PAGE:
Despite the disappointing first-half pre-tax profits, there might be a ray of sunshine for the industrial and electronic products distribution group Premier Farnell (LON:PFL) after all, with figures showing signs of a slight improvement in August. On 14 September 2012, The Times reported that the second-biggest distributor of electrical and electronic goods had an upward movement in sales for the first time since December 2011. In addition, as a result of the positive trading news, Premier Farnell’s shares rose more than 10 percent on September 13, the Financial Times reported.
As noted in The Times article, the sales improvement was hardly impressive, being as little as 0.4 percent, and only visible in August. Yet, analysts hurried to regard it as a positive development outweighing past profit performance, which in turn sent the company shares 10.8 percent up to 190p, and made Premier Farnell the best performer in the FTSE 250. “In August, we were encouraged by the return to year-on-year growth of 0.4 percent. We remain cautious, but… expect growth to return in the second half”, noted Laurence Bain, Premier Farnell’s new chief executive, as quoted by the FT.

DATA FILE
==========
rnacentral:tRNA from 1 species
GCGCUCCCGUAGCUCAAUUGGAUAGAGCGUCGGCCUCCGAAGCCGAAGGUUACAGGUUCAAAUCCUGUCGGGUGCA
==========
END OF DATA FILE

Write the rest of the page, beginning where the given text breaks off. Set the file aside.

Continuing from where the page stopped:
!m(/uploads/story/462/thumbs/pic1_inline.png)The Times reports that the positive news coincided with Mr Bain’s first presentation to the City, and made his debut as Premier Farnell’s new CEO quite successful. Yet, it remains to be seen whether the rest of his term of office will be as successful, especially considering that the company depends on short-term demand and in consequence is highly sensitive to global economic trends.
As noted by the FT, in the six months ending July 29, Premier Farnell’s revenues declined from £497.9 million to £479.2 million, whereas diluted earnings per share fell from 13.2p to 6.2p. In addition, pre-tax profit more than halved from £64.9 million to £31.8 million, and underlying profit dropped by 16 percent to £39.7 million.
The decline in Premier Farnell’s revenue and profit is largely a reflection of the global economic downturn, with industry data showing that during the second quarter, the semiconductor market decreased by some 10 percent in Europe and the US. “In challenging global markets, we continue to show resilience and make strategic progress,” notes Mr Bain, as quoted by the FT. “We have had four consecutive quarters of stable sales per day within a market that continued to decline.” According to The Times, the company is losing sales, but not as fast as the core market is falling.
The FT reports that the company recently turned its focus toward markets such as South Korea, Taiwan and Thailand, which has helped partly insulate the group from shrinking revenues in the UK and Europe, with the semiconductor market in positive territory in Asia Pacific. Sales from developing economies account for about a quarter of Premier Farnell’s total turnover.
“Despite the global markets remaining uncertain and with very limited forward order visibility, I am confident that the Group is well positioned to leverage opportunities in our target markets,” said Mr Bain in the company press release.